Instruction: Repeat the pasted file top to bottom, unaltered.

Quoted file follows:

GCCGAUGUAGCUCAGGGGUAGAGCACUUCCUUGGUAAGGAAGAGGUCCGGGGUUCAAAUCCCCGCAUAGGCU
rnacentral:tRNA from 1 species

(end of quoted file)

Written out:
GCCGAUGUAGCUCAGGGGUAGAGCACUUCCUUGGUAAGGAAGAGGUCCGGGGUUCAAAUCCCCGCAUAGGCU
rnacentral:tRNA from 1 species